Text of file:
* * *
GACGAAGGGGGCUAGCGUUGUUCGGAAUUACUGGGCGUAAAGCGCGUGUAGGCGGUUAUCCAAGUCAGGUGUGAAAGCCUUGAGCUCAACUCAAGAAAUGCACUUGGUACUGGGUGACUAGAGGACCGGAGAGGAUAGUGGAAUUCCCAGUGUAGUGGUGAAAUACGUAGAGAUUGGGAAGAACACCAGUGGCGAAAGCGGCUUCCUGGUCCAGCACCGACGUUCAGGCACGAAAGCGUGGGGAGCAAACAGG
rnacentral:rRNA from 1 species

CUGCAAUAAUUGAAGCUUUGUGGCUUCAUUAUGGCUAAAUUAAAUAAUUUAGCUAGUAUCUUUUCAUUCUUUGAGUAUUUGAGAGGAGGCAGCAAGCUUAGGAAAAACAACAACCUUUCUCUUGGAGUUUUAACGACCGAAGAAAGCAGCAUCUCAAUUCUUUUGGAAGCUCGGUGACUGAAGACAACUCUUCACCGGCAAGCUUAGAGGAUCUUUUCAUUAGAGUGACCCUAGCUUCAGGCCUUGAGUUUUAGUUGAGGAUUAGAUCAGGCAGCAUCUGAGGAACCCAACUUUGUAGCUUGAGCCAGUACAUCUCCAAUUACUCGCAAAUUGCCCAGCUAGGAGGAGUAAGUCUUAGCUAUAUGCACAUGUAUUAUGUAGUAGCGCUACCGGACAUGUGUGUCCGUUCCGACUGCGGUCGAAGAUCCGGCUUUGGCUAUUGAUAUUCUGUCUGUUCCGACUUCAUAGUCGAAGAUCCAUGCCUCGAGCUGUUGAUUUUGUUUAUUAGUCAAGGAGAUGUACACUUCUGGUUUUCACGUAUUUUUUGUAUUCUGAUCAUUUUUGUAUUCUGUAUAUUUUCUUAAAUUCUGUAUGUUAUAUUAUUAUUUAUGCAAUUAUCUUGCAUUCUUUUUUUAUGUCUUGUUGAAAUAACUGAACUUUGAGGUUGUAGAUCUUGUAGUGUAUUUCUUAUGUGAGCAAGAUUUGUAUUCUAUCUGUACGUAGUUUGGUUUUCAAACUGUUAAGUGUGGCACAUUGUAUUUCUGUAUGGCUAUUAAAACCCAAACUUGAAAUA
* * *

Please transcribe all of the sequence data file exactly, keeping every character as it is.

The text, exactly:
GACGAAGGGGGCUAGCGUUGUUCGGAAUUACUGGGCGUAAAGCGCGUGUAGGCGGUUAUCCAAGUCAGGUGUGAAAGCCUUGAGCUCAACUCAAGAAAUGCACUUGGUACUGGGUGACUAGAGGACCGGAGAGGAUAGUGGAAUUCCCAGUGUAGUGGUGAAAUACGUAGAGAUUGGGAAGAACACCAGUGGCGAAAGCGGCUUCCUGGUCCAGCACCGACGUUCAGGCACGAAAGCGUGGGGAGCAAACAGG
rnacentral:rRNA from 1 species

CUGCAAUAAUUGAAGCUUUGUGGCUUCAUUAUGGCUAAAUUAAAUAAUUUAGCUAGUAUCUUUUCAUUCUUUGAGUAUUUGAGAGGAGGCAGCAAGCUUAGGAAAAACAACAACCUUUCUCUUGGAGUUUUAACGACCGAAGAAAGCAGCAUCUCAAUUCUUUUGGAAGCUCGGUGACUGAAGACAACUCUUCACCGGCAAGCUUAGAGGAUCUUUUCAUUAGAGUGACCCUAGCUUCAGGCCUUGAGUUUUAGUUGAGGAUUAGAUCAGGCAGCAUCUGAGGAACCCAACUUUGUAGCUUGAGCCAGUACAUCUCCAAUUACUCGCAAAUUGCCCAGCUAGGAGGAGUAAGUCUUAGCUAUAUGCACAUGUAUUAUGUAGUAGCGCUACCGGACAUGUGUGUCCGUUCCGACUGCGGUCGAAGAUCCGGCUUUGGCUAUUGAUAUUCUGUCUGUUCCGACUUCAUAGUCGAAGAUCCAUGCCUCGAGCUGUUGAUUUUGUUUAUUAGUCAAGGAGAUGUACACUUCUGGUUUUCACGUAUUUUUUGUAUUCUGAUCAUUUUUGUAUUCUGUAUAUUUUCUUAAAUUCUGUAUGUUAUAUUAUUAUUUAUGCAAUUAUCUUGCAUUCUUUUUUUAUGUCUUGUUGAAAUAACUGAACUUUGAGGUUGUAGAUCUUGUAGUGUAUUUCUUAUGUGAGCAAGAUUUGUAUUCUAUCUGUACGUAGUUUGGUUUUCAAACUGUUAAGUGUGGCACAUUGUAUUUCUGUAUGGCUAUUAAAACCCAAACUUGAAAUA